Topps re-launched its website this week with a new look and a new section for selling vintage memorabilia from its archives. The move comes as the company continues pushing more of its products online like last season’s Heritage ‘High Number’ set and the soon to be released 2013 Turkey Red issue.
Selling new and recently produced sets and boxes direct to the public was an option on the old ShopTopps.com site (which now re-directs to the new portal), but Topps has now expanded its offerings and given the site a new visual and more interactive overhaul.
The new site offers checklists for some products as well as the chance to find a nearby hobby shop and write product reviews (whether they’ll be manually approved, we’re not sure).
The most interesting development, however, is the Memorabilia section, which will likely appeal to vintage card collectors. For more than ten years, Topps has utilized eBay to run its “Topps Vault Auctions” (and the company’s eBay store remains live) but now Topps is also offering a straight sale option for hundreds of items ranging from player contracts to photo transparencies used in the production of old card sets and related items.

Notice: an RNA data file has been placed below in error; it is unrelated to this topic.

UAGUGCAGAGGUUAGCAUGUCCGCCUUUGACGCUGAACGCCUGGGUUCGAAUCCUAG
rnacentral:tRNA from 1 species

Having watched the auction of thousands of pieces over the years, Topps’ Mike Jasperson, who oversees the Vault, likely has a pretty good understanding of how collectors value even one-of-a-kind items from company storage.
A total of 249 items had been loaded onto the Topps site as of Thursday evening. Prices vary based on the item and anticipated popularity. Slides and transparencies were as cheap as $35. Contracts signed by well known players were higher as were older images of stars. The transparency used to make Stan Musial’s 1962 Topps In Action card, measuring 2 ¼” by 1 ½”, is priced at $500.
The contract signed by Tommy Lasorda for his rookie card is offered at $2,500. Interestingly, the contract calls for a $10 initial payment to the future Dodgers’ manager, and a $115 check once he either appears on a card or lands on a big league roster. Signed during spring training 1954, it’s obvious Topps thought a lot of the youngster as he appeared on the company’s cards for the first and only time that season.
Topps is also offering sports card storage supplies and various types of MLB apparel including vintage look T-shirts.